Life after college…at W&L

For a few recent grads, working on behalf of current and future students offers a unique and rewarding experience

Jimmie Mack Johnson III, Arts & Life Writer

Washington and Lee not only offers a well rounded education, but for some, the university also provides an opportunity for employment immediately after school.

Jordan LaPointe, ‘17, said he learned that he received his job as an admissions counselor on the day of graduation. He said he had an offer to teach in Japan through the Japan Exchange and Teaching program, but he declined because he believed working in admissions would allow him more time to study for graduate school.

LaPointe said the job has also been ideal because of the amenities.

“The school is a nice employer,” he said. “It’s nice to be able to use the library, to be able to use the gym and not have to pay for those.”

LaPointe said his job has taught him many things about the admissions process and he will use the knowledge to help him in applying to graduate school in the upcoming fall.

Elaina Prillaman, ‘17, also works in admissions with LaPointe. She said working in admissions intrigued her because it would allow her to continue to have an impact on W&L.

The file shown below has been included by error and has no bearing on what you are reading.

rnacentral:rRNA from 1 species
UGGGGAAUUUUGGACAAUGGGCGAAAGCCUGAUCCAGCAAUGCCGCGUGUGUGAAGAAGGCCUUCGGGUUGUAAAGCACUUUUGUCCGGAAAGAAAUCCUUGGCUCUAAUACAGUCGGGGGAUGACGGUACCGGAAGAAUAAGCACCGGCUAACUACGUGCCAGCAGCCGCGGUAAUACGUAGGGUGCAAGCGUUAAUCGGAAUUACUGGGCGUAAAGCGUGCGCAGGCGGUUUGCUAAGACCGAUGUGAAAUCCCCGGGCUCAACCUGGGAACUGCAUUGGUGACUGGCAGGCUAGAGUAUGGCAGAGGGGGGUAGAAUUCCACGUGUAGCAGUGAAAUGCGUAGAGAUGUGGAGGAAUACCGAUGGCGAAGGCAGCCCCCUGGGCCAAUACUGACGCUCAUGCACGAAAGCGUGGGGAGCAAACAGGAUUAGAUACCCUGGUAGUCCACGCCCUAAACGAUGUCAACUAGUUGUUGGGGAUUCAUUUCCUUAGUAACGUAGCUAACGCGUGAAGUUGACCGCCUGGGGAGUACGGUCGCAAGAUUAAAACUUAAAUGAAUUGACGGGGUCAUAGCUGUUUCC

“It’s sort of an extension of what we did when we were students,” Prillaman said. “Which is also nice to be able to continue doing that, because that’s a huge part of why I was interested in staying at W&L and staying in admissions because there was some work to do here and four years wasn’t enough.”

Even though she is a full member of the admissions staff, Prillaman said it still hasn’t settled in that she is considered as an equal to her former professors.

“I can’t call professors by their first name,” she said. “Give me a few more years.”

Randy Karlson, ‘16, spent a year in Long Island University’s admissions office before returning to W&L in summer 2017 as an assistant director for recruitment.

Karlson’s job is to be a liaison between employers and students. He works with business recruiters to persuade them to consider W&L students and helps connect students with the right professionals in their fields.

Karlson said one of the unique aspects of his job is that he went to school with many of the students who still attend W&L. He said while it can be awkward to have a job in which he works with the same people with whom he attended social events, he views knowing most of the W&L community as a strength of the job.

He said his closeness in age to current students allows him to connect better and do his job more effectively.

“It is very nice to be on a campus where I know a lot of people,” he said. “Being able to build those [previous] relationships has been pretty cool as well. Especially because it’s a different sort of relationship because I am an administrator.”

Karlson said working in the career development office has given him a totally different perspective on the school.

“I one hundred percent see it in a different light,” he said. “The amount of work that goes on behind the scenes is wild.”

While no longer a student, he said W&L is still a special place to him.

“I just love W&L,” he said. “The city of Lexington and the people here are amazing.”